A hacker nicknamed Guccifer 2.0 claims to be the lone attacker who breached the Democratic National Committee's systems. The claim contradicts Crowdstrike's conclusion that two Russian state-sponsored groups were involved.
Apple is building "differential privacy" into iOS 10 to try and block attempts to identify or track individual users based on their behavior, keyword searches or other activities. But will the functionality perform as advertised?
Days after booting hackers from its network, the Democratic National Committee allowed incident-response firm Crowdstrike to publicly detail its findings. That's a rare - albeit welcome - move for other potential targets.
In an interview, Doug Johnson of the American Bankers Association explains why the ABA rejects the Retail Industry Leaders Association's contention that a legislative proposal to hold retailers to the same cybersecurity standards as banks is unfair.
My initial reaction to Microsoft's announcement that it plans to buy LinkedIn for $26.2 billion in cash: I guess its massive 2012 data breach - and the loss of virtually every user's credentials - didn't hobble the company's long-term prospects.
More than 32.8 million Twitter credentials have been compromised and are being offered for sale on the dark web, claims LeakedSource, a subscription-based breach notification service. But some security experts question whether the credentials are current and authentic.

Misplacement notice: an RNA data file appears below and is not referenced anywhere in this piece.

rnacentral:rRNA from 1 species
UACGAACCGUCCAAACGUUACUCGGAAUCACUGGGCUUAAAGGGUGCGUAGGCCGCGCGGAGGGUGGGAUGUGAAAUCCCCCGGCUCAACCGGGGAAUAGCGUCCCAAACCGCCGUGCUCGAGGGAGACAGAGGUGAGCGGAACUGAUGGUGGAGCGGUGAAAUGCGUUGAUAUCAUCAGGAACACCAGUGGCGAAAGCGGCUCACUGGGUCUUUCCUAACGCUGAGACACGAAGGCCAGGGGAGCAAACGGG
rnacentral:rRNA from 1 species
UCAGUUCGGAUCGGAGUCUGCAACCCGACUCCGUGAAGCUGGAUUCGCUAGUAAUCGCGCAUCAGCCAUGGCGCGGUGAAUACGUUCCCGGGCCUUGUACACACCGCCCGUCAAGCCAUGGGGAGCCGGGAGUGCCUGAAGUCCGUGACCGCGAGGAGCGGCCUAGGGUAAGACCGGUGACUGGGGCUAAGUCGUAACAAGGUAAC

Dropbox is keeping a close eye on the latest news reports of big-name, big-data breaches, but says the reported hackers are bluffing when claiming to have compromised and obtained the web storage service's data.
The scale of the global IT security skills crisis is well documented. But what is its direct impact on cybersecurity with the government agencies of Washington, D.C.? Dan Waddell of (ISC)² discusses the problem - and a new way to address it.
Akamai warns of a rash of less sophisticated attempts to extort companies by threatening to strike with distributed denial-of-service attacks, which can be expensive for organizations to defend against.
Many organizations still fail to practice smart web security, warns penetration testing expert Ilia Kolochenko, who notes that 23 percent of all websites still use SSL version 3, despite it leaving them at risk from POODLE and BEAST attacks.
A federal court has ruled that P.F. Chang's cyber insurer does not have to reimburse the restaurant chain for fees it paid to its merchant services provider in the wake of its 2013 card breach. The ruling raises questions about the value cyber insurance provides to retailers.
TeamViewer is strengthening the security of its remote access application after an uptick in account takeovers that the company says is the result of hackers reusing account credentials from recent data breaches.